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Country A has 16 million inhabitants and 2.000 MW of solar panel generated power, also a GDP of $50.000 per capita

Country B has 160 million inhabitants and 2 MW of solar panel generated power, also a GDP of $10.000 per capita

Would it be correct to say that country A has two times as much solar power because:

  • If country A was as populous as B, they would have 20.000 MW in solar power.

  • But if country A was as poor as country A, they would have 4.000 MW solar power. So, after adjusting for differences in population and wealth, country A still has 2000 times the solar power that country B has?

Is it correct to compare like that, or not?

Follow up question: Is there a formal way, when comparing countries or groups, to adjust for differences in various traits (such as population size and GDP per Capita?)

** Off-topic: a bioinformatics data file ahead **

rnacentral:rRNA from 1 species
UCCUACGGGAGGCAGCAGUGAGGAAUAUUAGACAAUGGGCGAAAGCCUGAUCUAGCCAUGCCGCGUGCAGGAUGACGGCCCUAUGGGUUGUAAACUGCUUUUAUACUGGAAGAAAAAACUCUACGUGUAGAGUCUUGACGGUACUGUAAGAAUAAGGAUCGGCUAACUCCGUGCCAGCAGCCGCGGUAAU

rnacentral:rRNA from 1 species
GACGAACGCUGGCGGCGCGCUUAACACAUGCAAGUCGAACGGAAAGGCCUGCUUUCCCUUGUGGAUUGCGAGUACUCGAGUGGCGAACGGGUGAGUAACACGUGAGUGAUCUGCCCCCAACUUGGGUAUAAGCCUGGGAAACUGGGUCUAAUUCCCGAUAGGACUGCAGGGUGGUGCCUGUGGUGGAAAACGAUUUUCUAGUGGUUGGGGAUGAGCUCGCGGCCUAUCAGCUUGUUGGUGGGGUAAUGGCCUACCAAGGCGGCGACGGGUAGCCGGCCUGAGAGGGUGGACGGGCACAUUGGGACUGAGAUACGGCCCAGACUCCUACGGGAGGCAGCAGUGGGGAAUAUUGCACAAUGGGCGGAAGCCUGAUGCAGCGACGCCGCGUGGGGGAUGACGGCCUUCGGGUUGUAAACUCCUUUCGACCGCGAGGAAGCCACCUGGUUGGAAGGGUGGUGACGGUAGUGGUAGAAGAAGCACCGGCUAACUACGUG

So, after adjusting for differences in population and wealth, country A still has 2000 times the solar power that country B has?

Is it correct to compare like that, or not?

  • You probably would need to give a clear definition what Solar Power should exactly be. Assumed you're just measuring Mega Watts these should be set into relation to some other factors as per person, or per GDP (whatever that means). Maybe SE Economics Beta is a site to ask for such. – πάντα ῥεῖ Apr 5 at 18:24
  • Whichever site you try to ask this, or any other, question, I think you should take care to only ask one question per question. – PolyGeo Apr 6 at 0:02
  • `@πάνταῥεῖ What about "2.000 MW of solar panel generated power", is confusing or not clear to you? It's not ambiguous. – Heccate Newb Apr 10 at 10:22

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